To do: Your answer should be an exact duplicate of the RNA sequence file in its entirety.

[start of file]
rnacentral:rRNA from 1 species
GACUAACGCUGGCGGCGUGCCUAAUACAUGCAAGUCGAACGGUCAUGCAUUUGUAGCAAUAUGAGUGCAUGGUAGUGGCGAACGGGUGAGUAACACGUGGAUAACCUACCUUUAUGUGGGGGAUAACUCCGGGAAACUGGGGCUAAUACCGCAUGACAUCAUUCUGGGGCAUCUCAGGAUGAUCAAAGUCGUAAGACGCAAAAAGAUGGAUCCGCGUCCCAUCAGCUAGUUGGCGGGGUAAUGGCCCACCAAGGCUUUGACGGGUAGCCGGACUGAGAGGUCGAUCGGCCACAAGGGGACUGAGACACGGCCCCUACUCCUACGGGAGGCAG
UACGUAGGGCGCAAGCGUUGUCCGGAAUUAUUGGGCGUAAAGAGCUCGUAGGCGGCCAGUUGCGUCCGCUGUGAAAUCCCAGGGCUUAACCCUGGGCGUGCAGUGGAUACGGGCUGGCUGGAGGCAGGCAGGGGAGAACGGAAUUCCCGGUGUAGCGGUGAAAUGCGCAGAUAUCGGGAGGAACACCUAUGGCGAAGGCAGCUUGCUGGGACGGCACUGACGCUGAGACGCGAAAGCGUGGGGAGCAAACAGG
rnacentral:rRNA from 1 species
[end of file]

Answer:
rnacentral:rRNA from 1 species
GACUAACGCUGGCGGCGUGCCUAAUACAUGCAAGUCGAACGGUCAUGCAUUUGUAGCAAUAUGAGUGCAUGGUAGUGGCGAACGGGUGAGUAACACGUGGAUAACCUACCUUUAUGUGGGGGAUAACUCCGGGAAACUGGGGCUAAUACCGCAUGACAUCAUUCUGGGGCAUCUCAGGAUGAUCAAAGUCGUAAGACGCAAAAAGAUGGAUCCGCGUCCCAUCAGCUAGUUGGCGGGGUAAUGGCCCACCAAGGCUUUGACGGGUAGCCGGACUGAGAGGUCGAUCGGCCACAAGGGGACUGAGACACGGCCCCUACUCCUACGGGAGGCAG
UACGUAGGGCGCAAGCGUUGUCCGGAAUUAUUGGGCGUAAAGAGCUCGUAGGCGGCCAGUUGCGUCCGCUGUGAAAUCCCAGGGCUUAACCCUGGGCGUGCAGUGGAUACGGGCUGGCUGGAGGCAGGCAGGGGAGAACGGAAUUCCCGGUGUAGCGGUGAAAUGCGCAGAUAUCGGGAGGAACACCUAUGGCGAAGGCAGCUUGCUGGGACGGCACUGACGCUGAGACGCGAAAGCGUGGGGAGCAAACAGG
rnacentral:rRNA from 1 species